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Trauma and psychosis: the mediating role of self concept clarity and dissociation

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Trauma and psychosis : the mediating role of self concept clarity and dissociation. / Evans, Gavin John; Reid, Graeme; Preston, Phil; Palmier-Claus, Jasper; Sellwood, William.

In: Psychiatry Research, Vol. 228, No. 3, 30.08.2015, p. 626-632.

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@article{e079bfe0b1c14be786ca706cb4a11b00,
title = "Trauma and psychosis: the mediating role of self concept clarity and dissociation",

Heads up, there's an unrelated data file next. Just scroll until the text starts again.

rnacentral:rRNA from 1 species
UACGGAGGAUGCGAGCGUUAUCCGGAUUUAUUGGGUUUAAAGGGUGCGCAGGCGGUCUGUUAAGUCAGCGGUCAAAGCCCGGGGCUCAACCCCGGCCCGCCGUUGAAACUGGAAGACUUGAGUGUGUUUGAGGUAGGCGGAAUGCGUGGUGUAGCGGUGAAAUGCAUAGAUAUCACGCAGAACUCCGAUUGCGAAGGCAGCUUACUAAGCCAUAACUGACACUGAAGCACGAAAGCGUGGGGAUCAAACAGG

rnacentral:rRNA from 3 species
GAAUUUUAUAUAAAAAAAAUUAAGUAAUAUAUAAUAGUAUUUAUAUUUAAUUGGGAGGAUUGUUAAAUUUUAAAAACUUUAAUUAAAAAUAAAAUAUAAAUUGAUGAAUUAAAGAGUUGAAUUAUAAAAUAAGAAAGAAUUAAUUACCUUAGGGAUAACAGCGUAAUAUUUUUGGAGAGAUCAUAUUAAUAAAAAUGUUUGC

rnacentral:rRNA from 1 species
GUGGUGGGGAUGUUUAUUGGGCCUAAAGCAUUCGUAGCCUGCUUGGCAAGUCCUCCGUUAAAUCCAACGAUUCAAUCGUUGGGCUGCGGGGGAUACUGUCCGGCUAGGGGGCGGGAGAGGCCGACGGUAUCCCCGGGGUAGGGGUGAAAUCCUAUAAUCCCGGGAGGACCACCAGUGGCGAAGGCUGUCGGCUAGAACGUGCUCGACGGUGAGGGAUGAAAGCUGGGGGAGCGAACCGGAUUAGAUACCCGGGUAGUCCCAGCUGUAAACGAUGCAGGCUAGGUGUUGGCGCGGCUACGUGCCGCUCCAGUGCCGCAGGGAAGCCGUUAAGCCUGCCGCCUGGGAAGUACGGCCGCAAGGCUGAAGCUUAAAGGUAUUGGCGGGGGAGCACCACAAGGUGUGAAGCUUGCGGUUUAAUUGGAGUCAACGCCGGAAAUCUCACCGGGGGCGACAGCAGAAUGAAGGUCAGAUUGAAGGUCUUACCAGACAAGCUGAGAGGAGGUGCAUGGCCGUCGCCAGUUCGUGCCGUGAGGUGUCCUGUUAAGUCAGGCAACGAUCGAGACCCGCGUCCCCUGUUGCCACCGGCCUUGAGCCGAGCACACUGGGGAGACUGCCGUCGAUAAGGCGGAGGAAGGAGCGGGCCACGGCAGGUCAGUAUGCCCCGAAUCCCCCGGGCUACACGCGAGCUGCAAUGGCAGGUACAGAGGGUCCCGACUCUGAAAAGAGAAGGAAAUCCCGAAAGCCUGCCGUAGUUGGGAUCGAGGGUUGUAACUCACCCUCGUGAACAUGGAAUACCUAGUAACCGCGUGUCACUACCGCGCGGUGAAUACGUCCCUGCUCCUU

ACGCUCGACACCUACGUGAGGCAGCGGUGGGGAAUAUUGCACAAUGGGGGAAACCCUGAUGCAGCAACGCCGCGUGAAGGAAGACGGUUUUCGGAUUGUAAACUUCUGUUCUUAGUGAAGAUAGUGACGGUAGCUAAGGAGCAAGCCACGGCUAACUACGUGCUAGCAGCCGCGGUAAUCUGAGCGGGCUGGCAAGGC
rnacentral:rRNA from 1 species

abstract = "Childhood trauma (CT) and psychosis may be associated. Drawing on the dissociation and social psychological literature, the current study examined the mediating role of structural aspects of self in explaining the relationship between childhood trauma and psychosis. Twenty-nine individuals with psychosis were compared with 31 healthy volunteers regarding childhood trauma, dissociation and self-concept clarity (SCC). High rates of maltreatment were found in the psychosis sample. Additionally, clinical participants reported more dissociation and less self-concept clarity. Mediational analyses were carried out on pooled data from across both clinical and non-clinical samples. These suggested that the influence of physical neglect in increasing the likelihood of experiencing psychosis was explicable through the effects of increased dissociation. Self-concept clarity mediated the relationship between psychosis and total childhood trauma, emotional abuse, physical abuse, emotional and physical neglect. Furthermore, dissociation and self-concept clarity were strongly correlated providing evidence that they may form a unitary underlying concept of 'self-concept integration'. The study provides further evidence of the link between childhood trauma and psychosis. Self-concept integration may be adversely affected by negative childhood experiences, which increases psychosis risk. Methodological limitations, clinical implications and suggestions for future research are considered. (C) 2015 Elsevier Ireland Ltd. All rights reserved.",